What we are calling for is a holistic approach: one that stresses the importance of diet, exercise and weight control as a cornerstone of health while at the same time, stressing the importance of treating oestrogen deficiency.

This is the theme of the second paper in the series, which focuses on hormone therapy as an important option, both for quality of life and reducing mortality.

Lobo and Gompel’s article points out that many of the health issues associated with the experience of menopause transition — such as depression and sleep deprivation — constitute risk factors for cardiovascular disease. They go on to describe how early initiation of hormonal therapy has a substantial beneficial role in symptom control, which is one important aspect of improving quality of life.

Another important aspect is the preventative role of HRT with regard to major chronic diseases. On this, the authors’ analysis of the data is emphatic. Hormone therapy reduces coronary and all-cause mortality. It has a role in the prevention of osteoporosis and is somewhat protective against degenerative osteoarthritis. HRT is also likely to drive the reduction of new-onset diabetes in postmenopausal women; and offers protection against developing Alzheimer’s disease. And while early initiation is key, hormone therapy is described as an intervention that could have “long-lasting consequences in terms of morbidity, mortality, and quality of life”.

These recent articles, along with the body of research behind it, could and should transform medical and social attitudes about HRT.

We hope that it will finally rid HRT of the myths and misinformation that has existed since 2002 in the wake of the initial findings of the Women’s Health Initiative, which suggested an increased risk of breast cancer and blood clots. These findings were naively interpreted and sensationally reported.

Lobo and Gompel’s article also deals with the issue of risk, something that has often been wrongly associated with HRT. They argue that, apart from venous thrombosis risk with oral oestrogen, there is clearly more benefit than harm. They also point out that data on the risk of breast cancer has been largely based on the use of synthetic progestogens; and that risk could be alleviated with the use of natural micronised progesterone or dydrogesterone.

Physical inactivity, alcohol consumption and obesity present far greater risk factors for breast cancer.

The risks of HRT, then, are negligible for most women and it is high time that this is acknowledged and that it feeds through to medical practice. This is not to deny that research should rightly continue; and any contraindications should be taken seriously. That is what good science and medicine is about.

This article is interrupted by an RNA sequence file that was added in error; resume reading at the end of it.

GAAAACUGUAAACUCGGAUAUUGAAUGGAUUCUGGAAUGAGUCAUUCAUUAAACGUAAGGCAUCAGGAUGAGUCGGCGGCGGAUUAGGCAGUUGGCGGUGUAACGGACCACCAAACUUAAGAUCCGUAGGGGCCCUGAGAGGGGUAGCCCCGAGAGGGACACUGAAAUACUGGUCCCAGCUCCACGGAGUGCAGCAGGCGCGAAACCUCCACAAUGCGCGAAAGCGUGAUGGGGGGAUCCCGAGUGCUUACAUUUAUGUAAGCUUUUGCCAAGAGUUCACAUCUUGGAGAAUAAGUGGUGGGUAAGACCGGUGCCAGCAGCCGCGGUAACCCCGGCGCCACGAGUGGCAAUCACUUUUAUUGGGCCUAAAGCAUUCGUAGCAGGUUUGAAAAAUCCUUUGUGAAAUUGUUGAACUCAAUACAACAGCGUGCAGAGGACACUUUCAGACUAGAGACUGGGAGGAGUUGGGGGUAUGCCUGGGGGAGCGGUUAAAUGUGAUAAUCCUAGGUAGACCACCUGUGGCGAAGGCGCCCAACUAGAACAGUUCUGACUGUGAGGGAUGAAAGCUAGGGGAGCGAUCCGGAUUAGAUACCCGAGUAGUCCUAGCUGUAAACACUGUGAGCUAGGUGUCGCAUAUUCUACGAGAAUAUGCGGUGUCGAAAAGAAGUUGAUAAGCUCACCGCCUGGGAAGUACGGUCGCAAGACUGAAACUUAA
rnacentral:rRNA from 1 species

However, the evidence presented in these articles is compelling. Non-hormonal management may well have been the cornerstone of prevention of cardiovascular disease but, for perimenopausal and menopausal women, hormone therapy should now be considered the linchpin of quality of life, symptom control and disease prevention. As Lobo and Gompel point out, data on lifestyle efforts shows a “quite modest” mortality risk reduction of 12-14 per cent whereas, with menopausal hormone therapy, a consistent 30 per cent decrease in all-cause mortality has been found.

In addition, they add, menopausal hormone therapy affords protection from osteoporosis, reduces menopausal symptoms, and improves quality of life.

All of this suggests that, while HRT is always a personal choice, it is one that should be offered early. Indeed, it should be recommended by healthcare practitioners given its key role in alleviating menopausal symptoms, preventing disease and promoting quality of life. We now have the knowledge and the capacity to reduce the health burden on women in midlife and beyond. To fail to act on that knowledge would be wholly unethical, given the impact that menopause can have on women’s lives and, more bluntly, the preventable disease and death that would continue to follow.

- Dr Richard Hull is a lecturer in philosophy at NUI Galway, Dr Louise Newson is a GP, Menopause specialist and Chair of the Newson Health Menopause Society.